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GOP Senator Says Tea Party Influence ‘Killed Off’ Republican Chances For Senate Majority
After Republicans reclaimed their majority status in the House in the 2010 election, many pundits predicted the party would have an easy time capturing the Senate in 2012. There are, after all, only 10 GOP senators up for reelection, compared to 23 Democrats. And Republicans seemed to be successfully riding a wave of anti-government sentiment to victory against an embattled president.
But as one political showdown after another has illustrated just how beholden congressional Republicans are to extreme right-wing interests, their prospects for retaking both chambers have grown dimmer.
Less than two weeks after the Department of Justice found widespread lawlessness and abuse of Latinos by Maricopa County Sheriff Joe Arpaio and his deputies, an Arizona federal judge ordered Arpaio to end one of his most abusive practices — detaining and arresting people who have committed no crime merely because his office suspects them of being undocumented. The court also certified this lawsuit against Arpaio as a class action, thereby empowering any Latino stopped or detained by Arpaio’s office since 2007 or at any point in the future to enforce the court order.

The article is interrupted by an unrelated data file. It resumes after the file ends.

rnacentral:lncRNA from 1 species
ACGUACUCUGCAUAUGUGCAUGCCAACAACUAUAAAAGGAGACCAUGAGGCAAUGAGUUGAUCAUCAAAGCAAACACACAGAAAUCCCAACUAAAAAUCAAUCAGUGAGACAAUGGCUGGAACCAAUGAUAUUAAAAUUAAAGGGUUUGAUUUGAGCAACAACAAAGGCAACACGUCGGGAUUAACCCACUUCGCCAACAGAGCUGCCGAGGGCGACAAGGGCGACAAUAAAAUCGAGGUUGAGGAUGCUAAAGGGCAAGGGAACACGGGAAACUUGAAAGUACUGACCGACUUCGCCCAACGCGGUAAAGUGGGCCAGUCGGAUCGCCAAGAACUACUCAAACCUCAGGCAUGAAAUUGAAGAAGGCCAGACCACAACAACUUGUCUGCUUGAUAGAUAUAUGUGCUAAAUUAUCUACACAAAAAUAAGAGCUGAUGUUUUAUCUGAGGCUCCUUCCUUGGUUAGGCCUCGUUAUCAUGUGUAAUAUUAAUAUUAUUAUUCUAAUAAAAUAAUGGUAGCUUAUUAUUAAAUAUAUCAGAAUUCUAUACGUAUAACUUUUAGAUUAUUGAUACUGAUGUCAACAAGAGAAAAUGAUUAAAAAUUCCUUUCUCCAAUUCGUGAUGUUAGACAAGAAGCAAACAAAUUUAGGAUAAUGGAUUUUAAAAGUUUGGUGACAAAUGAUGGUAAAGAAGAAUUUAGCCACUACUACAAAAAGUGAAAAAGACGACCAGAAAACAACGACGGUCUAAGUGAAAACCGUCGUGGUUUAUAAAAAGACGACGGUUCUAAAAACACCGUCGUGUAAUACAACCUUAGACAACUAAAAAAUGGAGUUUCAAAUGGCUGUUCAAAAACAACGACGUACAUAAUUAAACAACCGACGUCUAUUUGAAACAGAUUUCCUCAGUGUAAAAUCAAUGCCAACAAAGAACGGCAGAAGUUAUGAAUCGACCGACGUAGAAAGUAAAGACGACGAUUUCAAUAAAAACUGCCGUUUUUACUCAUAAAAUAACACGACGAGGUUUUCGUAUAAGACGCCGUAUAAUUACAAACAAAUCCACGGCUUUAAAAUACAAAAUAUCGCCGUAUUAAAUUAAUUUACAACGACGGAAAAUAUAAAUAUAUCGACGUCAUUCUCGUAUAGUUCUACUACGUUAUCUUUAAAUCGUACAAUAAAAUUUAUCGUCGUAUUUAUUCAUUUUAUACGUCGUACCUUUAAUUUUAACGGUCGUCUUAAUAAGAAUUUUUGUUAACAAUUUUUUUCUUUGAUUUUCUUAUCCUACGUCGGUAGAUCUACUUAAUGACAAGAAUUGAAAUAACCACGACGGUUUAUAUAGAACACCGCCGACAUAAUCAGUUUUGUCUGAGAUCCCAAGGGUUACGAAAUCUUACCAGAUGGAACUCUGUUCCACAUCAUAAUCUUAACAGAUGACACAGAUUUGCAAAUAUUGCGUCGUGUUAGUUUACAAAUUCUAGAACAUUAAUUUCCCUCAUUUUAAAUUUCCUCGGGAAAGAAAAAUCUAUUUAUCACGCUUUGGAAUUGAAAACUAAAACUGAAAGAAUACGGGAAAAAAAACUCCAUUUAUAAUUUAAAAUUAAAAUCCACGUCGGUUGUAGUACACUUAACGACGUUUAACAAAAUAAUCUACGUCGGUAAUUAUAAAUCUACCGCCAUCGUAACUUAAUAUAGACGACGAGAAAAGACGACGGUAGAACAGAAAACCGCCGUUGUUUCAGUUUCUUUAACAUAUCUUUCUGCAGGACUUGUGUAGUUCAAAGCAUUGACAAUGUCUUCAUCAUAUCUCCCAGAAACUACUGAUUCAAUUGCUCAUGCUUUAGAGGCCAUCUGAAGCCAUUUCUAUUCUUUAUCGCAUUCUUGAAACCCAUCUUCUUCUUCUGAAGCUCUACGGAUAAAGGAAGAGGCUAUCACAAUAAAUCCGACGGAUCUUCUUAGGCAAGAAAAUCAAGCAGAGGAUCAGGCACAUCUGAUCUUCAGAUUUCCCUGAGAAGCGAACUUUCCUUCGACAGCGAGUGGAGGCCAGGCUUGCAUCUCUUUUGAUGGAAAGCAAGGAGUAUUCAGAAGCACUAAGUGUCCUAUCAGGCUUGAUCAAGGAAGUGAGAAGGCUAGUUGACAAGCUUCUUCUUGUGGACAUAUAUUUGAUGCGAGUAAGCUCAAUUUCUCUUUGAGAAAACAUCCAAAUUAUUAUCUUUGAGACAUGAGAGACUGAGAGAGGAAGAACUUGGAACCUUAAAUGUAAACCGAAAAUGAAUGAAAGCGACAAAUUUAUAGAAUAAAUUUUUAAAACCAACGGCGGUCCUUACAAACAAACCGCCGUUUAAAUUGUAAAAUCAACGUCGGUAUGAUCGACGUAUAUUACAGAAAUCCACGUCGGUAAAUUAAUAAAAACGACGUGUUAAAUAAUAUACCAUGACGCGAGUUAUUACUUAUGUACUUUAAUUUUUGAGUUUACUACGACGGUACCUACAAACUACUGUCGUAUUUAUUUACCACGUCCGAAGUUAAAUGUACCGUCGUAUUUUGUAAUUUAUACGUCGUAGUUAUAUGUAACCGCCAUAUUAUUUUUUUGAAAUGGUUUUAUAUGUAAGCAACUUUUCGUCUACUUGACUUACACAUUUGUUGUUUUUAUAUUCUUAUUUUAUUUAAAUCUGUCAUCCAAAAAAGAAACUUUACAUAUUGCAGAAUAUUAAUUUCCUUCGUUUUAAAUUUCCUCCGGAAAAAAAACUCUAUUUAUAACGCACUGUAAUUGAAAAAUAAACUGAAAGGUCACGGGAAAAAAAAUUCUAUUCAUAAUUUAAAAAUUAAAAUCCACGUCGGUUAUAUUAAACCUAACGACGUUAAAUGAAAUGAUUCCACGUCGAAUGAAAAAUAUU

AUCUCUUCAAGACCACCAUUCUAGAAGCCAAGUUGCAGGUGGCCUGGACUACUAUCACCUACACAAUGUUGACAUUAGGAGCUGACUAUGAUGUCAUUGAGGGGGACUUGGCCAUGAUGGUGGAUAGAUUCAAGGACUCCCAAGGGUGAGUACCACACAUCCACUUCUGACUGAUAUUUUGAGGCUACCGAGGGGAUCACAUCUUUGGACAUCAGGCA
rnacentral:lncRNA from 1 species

Conservative Tea Party-affiliated lawmakers spent weeks vowing to oppose the short-term compromise bill extending payroll tax cuts and unemployment insurance.
But in the end, the bill glided through the House, just before Christmas.
North Carolina is trying to make amends for an ugly chapter in its history during which more than 7,000 people were sterilized — many against their will. At least half of the states had eugenics laws, but only a handful kept their forced sterilization programs active after World War II.
Within North Carolina, one county sterilized three times more people than any other — Mecklenburg, where Charlotte is the county seat. There, 485 people lost their ability to reproduce by order of the North Carolina Eugenics Board.
WASHINGTON — The gray wolf hit a major milestone on Dec. 21, when the Obama administration said the wolf’s population in the Great Lakes region had grown to the point where the animals no longer required federal protection.
SACRAMENTO, Calif. — What to expect in 2012? Jon Coupal is preparing for “nuclear war.” His battlefield? The November ballot. As the president of the Howard Jarvis Taxpayers Association, Coupal will play a critical role in the effort to defeat any tax increases up for a vote next year.
Early last year, deep in the forests of northern British Columbia, workers for Apache Corp. performed what the company proclaimed was the biggest hydraulic fracturing operation ever.
The project used 259 million gallons of water and 50,000 tons of sand to frack 16 gas wells side by side. It was “nearly four times larger than any project of its nature in North America,” Apache boasted.
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